Everything You Need to Know about Campfires

Photo: Robb Hirsch/Tandemstock

Learn how to make safe and responsible campfires.

Sitting around a fire outdoors is a primal experience. It deepens conversations and laughter, warms cold nights, and casts a beautiful glow—it makes the wilderness feel a little more like home. But with this primal pleasure comes great responsibility. You need to know how to start and maintain a fire properly, minimize impact, and whether or not you should have one at all. Use this guide to become a campfire master.

In this article, you’ll learn how to:

  • Decide if a campfire is safe, legal, and ethical.
  • Prepare a campfire site.
  • Find the best tinder, kindling, and fuel.
  • Build and start a campfire.
  • Deal with common fire challenges.
  • Safely extinguish a fire.

Can You Start A Fire? Should You?

Before you hit the trail, check fire regulations with the relevant land management agency (such as a national park or national forest). Some places always prohibit campfires in certain sensitive areas or above certain elevations. There might also be temporary restrictions in place based on wildfire danger.

But even if you get the official green light for a fire, ask yourself: Should I? Campfires can have an impact on fragile environments such as high-alpine zones, deserts, or heavily used areas, so they aren’t advised. If there’s little dead and down wood around your campsite, don’t strip every last stick out of the area just for your fire. And if it’s windy, be very cautious: Wind can carry burning embers a considerable distance and possibly start a wildfire. There’s no hard rule for making this decision; assess the conditions and err on the side of caution.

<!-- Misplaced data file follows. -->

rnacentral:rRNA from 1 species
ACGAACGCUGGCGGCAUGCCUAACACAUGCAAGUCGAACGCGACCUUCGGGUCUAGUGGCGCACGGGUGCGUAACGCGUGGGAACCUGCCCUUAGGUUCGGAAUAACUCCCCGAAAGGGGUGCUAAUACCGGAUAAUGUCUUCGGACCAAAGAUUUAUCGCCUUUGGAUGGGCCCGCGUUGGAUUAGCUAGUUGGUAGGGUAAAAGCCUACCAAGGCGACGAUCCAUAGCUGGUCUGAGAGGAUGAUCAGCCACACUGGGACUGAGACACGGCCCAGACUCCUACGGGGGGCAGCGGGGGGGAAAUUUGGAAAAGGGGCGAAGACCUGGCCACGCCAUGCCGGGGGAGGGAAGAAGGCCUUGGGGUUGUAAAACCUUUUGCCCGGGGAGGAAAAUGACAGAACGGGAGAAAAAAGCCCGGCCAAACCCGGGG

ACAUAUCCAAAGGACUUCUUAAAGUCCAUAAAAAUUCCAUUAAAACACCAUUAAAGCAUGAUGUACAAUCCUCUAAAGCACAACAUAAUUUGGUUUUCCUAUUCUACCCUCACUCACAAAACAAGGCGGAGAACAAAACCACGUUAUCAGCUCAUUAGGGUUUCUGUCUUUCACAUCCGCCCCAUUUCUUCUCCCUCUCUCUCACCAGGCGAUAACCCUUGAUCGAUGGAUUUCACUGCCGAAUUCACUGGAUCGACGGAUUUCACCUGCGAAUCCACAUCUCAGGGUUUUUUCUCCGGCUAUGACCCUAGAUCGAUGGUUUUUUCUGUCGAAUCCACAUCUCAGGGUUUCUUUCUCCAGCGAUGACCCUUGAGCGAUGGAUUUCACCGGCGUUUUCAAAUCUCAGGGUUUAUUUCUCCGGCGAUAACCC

Preparing a Campfire Site

Everything looks OK for a safe and ethical campfire? Next step: Find your site. By far the best place is an established fire ring (you don’t want to make yet another impacted spot). If there isn’t one at your campsite, follow Leave No Trace guidelines and make a “mound” fire, which helps minimize impact and protects organic soil from the heat. First, find a spot well clear of your tent and any overhanging branches. Clear the ground of anything flammable, then build a platform for the fire out of at least three inches of sand or gravel (preferably from a disturbed area). Gather rocks and make a rock ring around the mound. Tip: Placing a folded tarp under the mound makes cleanup easier. (See below for how to disassemble everything when you’re done.)

Another option: Pack in a fire pan (a metal disc made to hold a small campfire). Place it on top of a small circle of stones and build your fire inside it.

A group gathers around a campfire in Southern Utah Photo: Tobias MacPhee/TandemStock

Essential Campfire Ingredients

Gather your fuel before you start a fire. You’ll need four things:


This should be something highly flammable that burns long enough for the rest of your ingredients to catch fire. The best ones come from home: dryer lint, a candle, a cotton ball dipped in petroleum jelly, or a commercial firestarter.


These are small items that catch fire quickly. Think wood shavings, very thin twigs, pine needles, or dry forest duff.